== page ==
Divorce is becoming more and more common in American society, leading many people to believe that marriages can never last.  Many people point to the breakdown of marriage as a sign that men and women cannot really get along, especially now that women have become more independent and self-sufficient. But actually, divorce is not caused by problems between men and women, but by our society’s casual attitude toward marriage.  Marriage is no longer seen as something permanent, but rather as a convenient union that can be broken as soon as things get rough.  The television is the biggest culprit in spreading this casual attitude about marriage.  A number of recent television shows depict marriage as something temporary and casual, rather than a serious, lifelong commitment.  Television reporting of celebrity marriages, which seem to last about two years on average, only reinforces our society’s impression of marriage as hardly different from casual dating.  If our society values marriage and the serious commitment that it represents, we will take steps to revise our attitudes about marriage and to provide more positive role models of marriage.  Television must take a lead in providing these positive images in order to save the institution of marriage.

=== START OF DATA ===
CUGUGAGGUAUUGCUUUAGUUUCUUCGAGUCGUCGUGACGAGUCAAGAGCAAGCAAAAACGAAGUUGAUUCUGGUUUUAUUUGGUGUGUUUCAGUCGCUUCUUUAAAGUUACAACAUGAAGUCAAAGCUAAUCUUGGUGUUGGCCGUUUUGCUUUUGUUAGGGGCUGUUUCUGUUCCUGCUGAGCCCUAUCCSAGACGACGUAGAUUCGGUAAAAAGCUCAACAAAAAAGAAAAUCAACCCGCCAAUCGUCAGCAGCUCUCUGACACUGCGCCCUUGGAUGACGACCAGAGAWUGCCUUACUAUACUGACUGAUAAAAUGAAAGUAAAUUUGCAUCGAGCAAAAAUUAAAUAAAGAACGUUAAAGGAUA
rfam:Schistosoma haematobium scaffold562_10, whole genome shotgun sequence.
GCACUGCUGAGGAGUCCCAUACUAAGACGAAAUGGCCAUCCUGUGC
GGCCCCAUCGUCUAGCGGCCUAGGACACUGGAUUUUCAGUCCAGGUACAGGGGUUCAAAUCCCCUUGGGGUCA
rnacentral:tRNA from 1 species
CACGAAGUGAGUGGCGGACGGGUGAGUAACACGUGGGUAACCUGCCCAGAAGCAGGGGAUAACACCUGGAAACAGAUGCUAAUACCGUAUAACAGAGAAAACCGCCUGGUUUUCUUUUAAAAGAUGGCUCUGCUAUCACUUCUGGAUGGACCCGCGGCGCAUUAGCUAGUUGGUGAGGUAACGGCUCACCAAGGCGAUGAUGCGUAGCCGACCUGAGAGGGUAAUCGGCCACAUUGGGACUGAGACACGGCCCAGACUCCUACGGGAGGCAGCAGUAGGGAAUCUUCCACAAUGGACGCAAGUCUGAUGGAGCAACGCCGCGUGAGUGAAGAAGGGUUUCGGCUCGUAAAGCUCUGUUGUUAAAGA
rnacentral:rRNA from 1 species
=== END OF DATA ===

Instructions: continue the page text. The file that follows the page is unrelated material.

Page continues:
Notice how much easier it is to understand the topic and main point of the second introduction.  

return to Common Problems section / return to top of page

Vague Language

While introduction should not have many specific details or examples, they should be as specific as possible about what your paper will discuss. Some students worry that if they are too specific, they will "give away" their ideas and the reader will not be interested in continuing to read the paper. But in fact, a vague introduction leaves readers uninterested in your paper because they don't know what it will be about.

For example, which of the following papers would you be more excited about reading?

vague sentence from an an introduction:
My experiences as a young person have made me the person I am today.
specific sentence from an introduction:
My experiences of joining a gang at a young age, attempting a murder, and spending three years in prison have made me a passionate anti-gang activist.

Most people would be more interested in the second, more specific introduction. If your main point is interesting, then let us know what it is as soon as possible!

find out more about vague language

return to Common Problems section / return to top of page

Too much detail

While it is important to be specific in an introduction, you should not include a lot of examples and details to support your points.These details will appear in your body paragraphs. You also generally should not discuss a quotation, unless it is short and simple and can be explained quickly. Save quotations for your body paragraphs, so you can discuss them thoroughly (learn more about discussing quotations).

The following sentences from an introduction demonstrate how to be specific without being too detailed in an introduction:

too vague